Coffee is the conduit of hope for new Clark County nonprofit

Project Hope 4 Humanity will use coffee carts to give life skills to youth ages 16 to 24  

VANCOUVER — Coffee is king in the Pacific Northwest.  

Every corner has a shop, and every shop has a goal, and oftentimes it’s to create quality coffee and make money. Then there’s a different dream. A dream of a coffee shop with another purpose: empower youth and give them hope. 

Project Hope 4 Humanity barista Billie Walters and intern Khyra Ludwig, work the coffee cart at the Vancouver Community Library. Photo courtesy of Project Hope4Humanity
Project Hope 4 Humanity barista Billie Walters and intern Khyra Ludwig, work the coffee cart at the Vancouver Community Library. Photo courtesy of Project Hope4Humanity

Enter onto the stage of Clark County, nonprofit Project Hope 4 Humanity. It began as an idea two years ago, and now is a budding reality of that dream. The organization’s goal is to provide education and employment opportunities to young people from 16 to 24. They started with coffee. 

“I just consistently saw this need for, especially our high school youth, where they just needed support. They needed to know someone cared. They needed to feel like they were a part of something beyond just the classroom,” said President and CEO Paige Uhlemeyer. “And so we’re hoping to really build support for that age demographic. To make them feel successful and supported by our community.”

The organization currently has two sites where they operate coffee carts with professional baristas and interns from the target age range. One cart sits inside the main entrance to Vancouver Community Library downtown, and the other is just inside Legacy High School, next to Evergreen High School.

Project Hope 4 Humanity President and CEO Paige Uhlemeyer is seen here at the nonprofit’s first coffee cart in the Vancouver Community Library. Photo courtesy of Project Hope 4 Humanity
Project Hope 4 Humanity President and CEO Paige Uhlemeyer is seen here at the nonprofit’s first coffee cart in the Vancouver Community Library. Photo courtesy of Project Hope 4 Humanity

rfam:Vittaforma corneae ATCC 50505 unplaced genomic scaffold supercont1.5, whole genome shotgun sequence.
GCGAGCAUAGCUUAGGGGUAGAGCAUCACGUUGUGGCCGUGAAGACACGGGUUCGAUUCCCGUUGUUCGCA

The coffee carts are a way to provide employment, job skills, mentorship, and increased independence to young people in the area, Uhlemeyer said. Through the process of working at the carts, the interns are also connected with resources to become active community members.

Uhlemeyer, who has worked full time as a teacher since 2011, explained that many of the youth in the target demographic are at-risk or opportunity-driven students. Many in a position where they don’t have a clear vision for their future. Hope 4 Humanity seeks to foster that vision, she said.  

Every week, interns and their mentors meet up to do a workshop on health, wellness and personal growth in order to learn how to build community and connections, as well as ways they can seek help and advice in the scenarios of life. 

The end-goals of the program is to increase youth employment in the community, increase students’ success in school and achieve higher student attendance and graduation rates. 

“If there’s not support for them to get out of the cycle, or to get into the community and to feel successful, sometimes it repeats itself,” Uhlemeyer said. “They want it so bad. They just need to be given the chance, like someone just needs to say, ‘I trust you to do this, and I know you can. So let’s do this together.’” 

When working at the carts, interns are initially paid with gift cards, and as they move up in their skills and abilities can become paid and hired. They also receive free SAT and ACT test tutoring through the program.

“I have worked with dozens of nonprofit organizations over the years, and I am most impressed with the organizations executive director and leader,” said Alishia Topper, the Clark County treasurer and a board member for the project, in a statement. “I strongly support the goals to increase graduation rates, independence, attendance, and the employment rate for students Project Hope 4 Humanity serves.” 

Latte art in the shape of a ghost for Halloween is used to promote Project Hope 4 Humanity’s Oct. 30 welcome event. Photo courtesy of Project Hope 4 Humanity
Latte art in the shape of a ghost for Halloween is used to promote Project Hope 4 Humanity’s Oct. 30 welcome event. Photo courtesy of Project Hope 4 Humanity